This uninspiring week - Bleatwise, anyway - comes to a conclusion with the utterly boring remark about the picture above: it’s the hotel portion of that downtown building complex whose construction I detailed from pit to finish. It’s the best building of the low-rise structures. Yesterday’s banner was the same joint.
I’ve done architecture this week because the natural world looks green and ordinary. Somewhere around July we take the green for granted. Somewhere around the first week of September we realize we shouldn't. But yet we do.
See what I mean about uninspiring? This is just autopilot stuff. Hmm . . . oh, right, that old standby: customer-service interaction. Had some fun with AT&T today, trying to unlock Daughter’s phone I've been trying to do this for weeks so she can get a local SIM card; right now she has a spare data plan and uses the phone only on wifi. At noon I got a text message:
Her phone had been turned off because the bill was too high.
I’ve been submitting unlock req uests every other day or so, and heard nothing back. I will have to call them, I would think, then I'd do something else. Well, this was a good spur.
The bill was enormous. I've told her to use wifi only, but apparently she was uploading hour-long HD movies to her Instagram, or something.
The helpful person on the other end of the line got it reduced to almost nothing, restored the phone, and put through the unlock. It took a while, but she was very good, and at the end I asked if there would be an email survey or some place where I could give her credit for her work. She genuinely sounded happy, and said just hearing those words was enough, and “gave (her) wings.”
I could hear it in her voice: she meant it. Which makes you realize, again, how much people in her job probably have to endure, and why it’s always a good idea to be as nice as possible to the person who A) did not cause your problem, and B) is helping you fix it. Unless they sound bored and surly, which I had happen with SimpliSafe about six times before I got a guy who took the technical problem like an engineer, keen to solve the mystery. That guy’s smile I could hear over the phone.
Anyway, yeah, yeah, muh civility, as I keep hearing. Not today! Not anymore! The rules have changed and the gloves are off!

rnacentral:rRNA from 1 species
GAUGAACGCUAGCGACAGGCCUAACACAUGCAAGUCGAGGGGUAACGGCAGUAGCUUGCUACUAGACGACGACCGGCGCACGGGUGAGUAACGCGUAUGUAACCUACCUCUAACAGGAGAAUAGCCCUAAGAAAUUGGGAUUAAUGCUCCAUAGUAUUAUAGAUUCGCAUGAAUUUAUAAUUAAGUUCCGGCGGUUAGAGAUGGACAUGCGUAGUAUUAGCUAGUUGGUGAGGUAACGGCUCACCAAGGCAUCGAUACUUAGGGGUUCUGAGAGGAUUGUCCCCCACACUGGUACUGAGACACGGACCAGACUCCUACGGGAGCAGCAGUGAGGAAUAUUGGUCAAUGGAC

It's bad and it's never been this bad.
Life magazine, 1971.
By the way, here’s where Daughter is.
Most of the ads are the usual ones you see in these Shocking Vintage Ad collections, and the author has the usual scoldy humorlessness about the past - did you know sex roles were different than today? They were! Things were bad! The copy just writes itself.
My only question is how long it'll take for the author to be fooled by a fake. This was number two.
That’s not a current map. Obviously. Wikipedia says it was the first planned city in Brazil - meaning, they laid it out from the start, using the European models of diagonal boulevards. I don’t know if the map is oriented to the north, because when I call up the city on Google, the park and the main traffic circle seem flipped. Doesn’t matter. It’s a bit careworn, by my lights -
But there you have it, old and new, rich and not-so-much. Daughter finds it fascinating, and I’ll take her word for it. I'd like to visit, but that's not permitted.
The other day she sent a sound file via the texting program, asking if I was around -- she said she needed an answer to a question fairly soon. I thought it was probably something dire or legal or legally dire or whatever, since she hadn’t sent one of these before.
Nothing big. She had a grammar question, and used the voice-text option for some reason. Perhaps just thinking I'd like to hear her voice, as if she was asking a question from down the hall.
I've stopped expecting that, or shouting anything down to her room from mine. Everything went in the box and the box went on the shelf.
I’ve heard from people who went off to Europe after college and couldn’t check in with their folks for weeks, relying on letters sent to American Express offices. Nowadays I presume nearly instantaneous global communication. I mean, it’s astonishing. I say a few words into the message app, and it goes up and lands precisely where it should. None of this “I can’t contact the Enterprise, there’s an ion storm.”
I’m not kidding when I say this is a comfort almost beyond measure, enjoyed by absolutely no one in the history of the species, until our modern era.
Seems a shame to spend it shouting at strangers.
Lance, do you feel like a girl today? Do you?
Well, below me down. Solution here.
Yo ho: The Wonder Bread Show! With Jack Haley. We have the theme, and an ad, and something else.
This site says "The Wonder Show -- so named because its sponsor was Wonder Bread -- was broadcast over CBS Radio Network for 26 weeks, airing Friday evenings, 7:30-8PM. The program premiered October 14, 1938, and ran through April 7, 1939."
Not a long run. Wonder if Haley had anything else on his plate in '39.
Instead of the swank old sounds of Goodwill albums, this year we're going to share bad 1960s pop music. The second- and third-tier tunes.
1970. I remember when everything seemed to sound like this. The instrumentation, the arrangements. It began with one group or one producer, then others copied it. To diminishing effect.
That'll do! See you on Monday.
Oh, look what's back! It never ends. Today it's a re-upped site from long, long ago.